On the road to Damascus: Leonardo, Kate & me
I wish that I had enough money to afford being a full-time war correspondent. There's something about jumping on a plane, flying to the other side of the world to a war zone and writing back home about Truth and Justice that makes one feel truly alive.
Last Wednesday someone called me up and said, "How would you like to fly to Syria, to be an election observer there? Oh, and can you leave by Friday?" Heck yeah!
24 hours in the air later, I found myself in Beirut, Lebanon, waiting to be transported over the Syrian border into Damascus.
I also found myself to have become an overnight film critic. During all those hours-long flights, I had watched -- or at least tried to watch -- approximately eleven movies. Want my movie reviews? Here they are. Writing about the dogs of war that have been unleashed on Syria will just have to wait.
(But here's a quick summary if your really need it right now: The mean guys who own all those American dogs of war based in Washington have apparently been unleashing a whole bunch of insanely wild-eyed foreign-fighter jihadists and Al Qaeda sleeper-cell mongrels on the unwitting people of Syria -- and America's War Street has been cheering on and paying for all these blood-thirsty curs to go for the jugular too.)
But I digress. Let's get back to movie reviews.
"Monuments Men" was the first flick up at bat. Loved it. What's not to like about George Clooney? Plus the film was particularly poignant because I was sitting next to a 91-year-old man who was flying over to Normandy to celebrate the 70th anniversary of D-Day. "Out of a whole division, there are only nine of us left," he said.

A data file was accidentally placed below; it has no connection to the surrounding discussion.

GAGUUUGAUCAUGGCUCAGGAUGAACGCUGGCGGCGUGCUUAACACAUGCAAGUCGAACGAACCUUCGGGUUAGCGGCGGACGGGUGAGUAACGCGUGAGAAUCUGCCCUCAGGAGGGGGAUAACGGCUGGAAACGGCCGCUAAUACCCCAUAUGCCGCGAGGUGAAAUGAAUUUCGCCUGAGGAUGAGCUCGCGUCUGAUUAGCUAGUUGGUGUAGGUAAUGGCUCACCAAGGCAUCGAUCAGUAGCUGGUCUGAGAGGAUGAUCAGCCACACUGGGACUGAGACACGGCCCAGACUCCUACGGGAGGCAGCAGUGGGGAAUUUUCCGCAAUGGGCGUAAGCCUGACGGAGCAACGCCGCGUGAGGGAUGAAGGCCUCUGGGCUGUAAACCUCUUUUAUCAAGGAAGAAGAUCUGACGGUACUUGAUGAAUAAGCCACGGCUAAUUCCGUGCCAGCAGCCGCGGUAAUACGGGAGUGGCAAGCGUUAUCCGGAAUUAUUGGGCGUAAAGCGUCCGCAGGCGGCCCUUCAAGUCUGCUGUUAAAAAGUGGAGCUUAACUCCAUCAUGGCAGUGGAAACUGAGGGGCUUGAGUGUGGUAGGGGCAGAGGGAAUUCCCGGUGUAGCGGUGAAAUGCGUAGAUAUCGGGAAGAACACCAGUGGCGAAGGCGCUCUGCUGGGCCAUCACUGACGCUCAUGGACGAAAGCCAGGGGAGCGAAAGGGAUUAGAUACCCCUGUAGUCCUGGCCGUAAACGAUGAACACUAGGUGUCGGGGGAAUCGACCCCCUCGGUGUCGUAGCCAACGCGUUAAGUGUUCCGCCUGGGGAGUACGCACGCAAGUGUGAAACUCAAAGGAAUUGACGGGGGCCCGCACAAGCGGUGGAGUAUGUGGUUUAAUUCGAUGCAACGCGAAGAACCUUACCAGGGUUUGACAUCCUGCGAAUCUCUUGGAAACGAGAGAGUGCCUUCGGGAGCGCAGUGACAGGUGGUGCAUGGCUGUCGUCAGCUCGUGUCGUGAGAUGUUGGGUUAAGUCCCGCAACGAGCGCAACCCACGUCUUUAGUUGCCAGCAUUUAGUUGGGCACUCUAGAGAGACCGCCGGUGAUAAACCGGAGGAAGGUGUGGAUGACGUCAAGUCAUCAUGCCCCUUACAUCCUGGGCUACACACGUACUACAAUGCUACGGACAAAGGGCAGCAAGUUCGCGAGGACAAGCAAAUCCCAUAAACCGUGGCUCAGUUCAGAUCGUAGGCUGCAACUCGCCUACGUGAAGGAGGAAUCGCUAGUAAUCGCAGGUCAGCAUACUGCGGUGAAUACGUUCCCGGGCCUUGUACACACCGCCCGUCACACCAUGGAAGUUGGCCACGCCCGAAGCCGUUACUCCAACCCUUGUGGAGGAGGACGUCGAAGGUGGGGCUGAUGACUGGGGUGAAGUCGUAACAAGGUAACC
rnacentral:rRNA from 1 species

Wish I could have been a war correspondent back then too. Ernie Pyle. Martha Gellhorn. And me. http://www.smirkingchimp.com/thread/bob-patterson/56056/war-as-an-aphrodisiac
Next up was "Blue Jasmine". Great acting by Kate Blanchette, sure, but I just couldn't get into the plot. It just didn't pass the "Airplane Test" for keeping my attention.
"Mandela" was okay -- but having spent time in Jo-burg myself, it didn't seem too authentic. More like a Hollywood version of life in the Apartheid slums. At least the first 20 minutes didn't. It was another Airplane Test fail.
"Wolf of Wall Street," with Leonardo DiCaprio, turned out to be almost three hours of non-stop porno. I was offended. Did I really want my children watching that? But I guess that was the point of the movie -- that what goes on in Wall Street these days really is pornographic.
"American Hustle". 20 minutes into it, I voted with my remote. Yawn. Same with "August, Osage County".
By the time I flew into Frankfurt, I was almost relieved that the plane on the final four-hour leg of my journey to Beirut didn't have any films playing and I could lose myself in a good book.
Ah if only voters all over the world could also vote with their remotes. Don't like a politician? Change the channel.
PS: I leave for Syria today. On the road to Damascus! And by some freaky coincidence, the guy I'll be traveling with is also named Paul. "But I hear that we may actually be going to Homs," he said.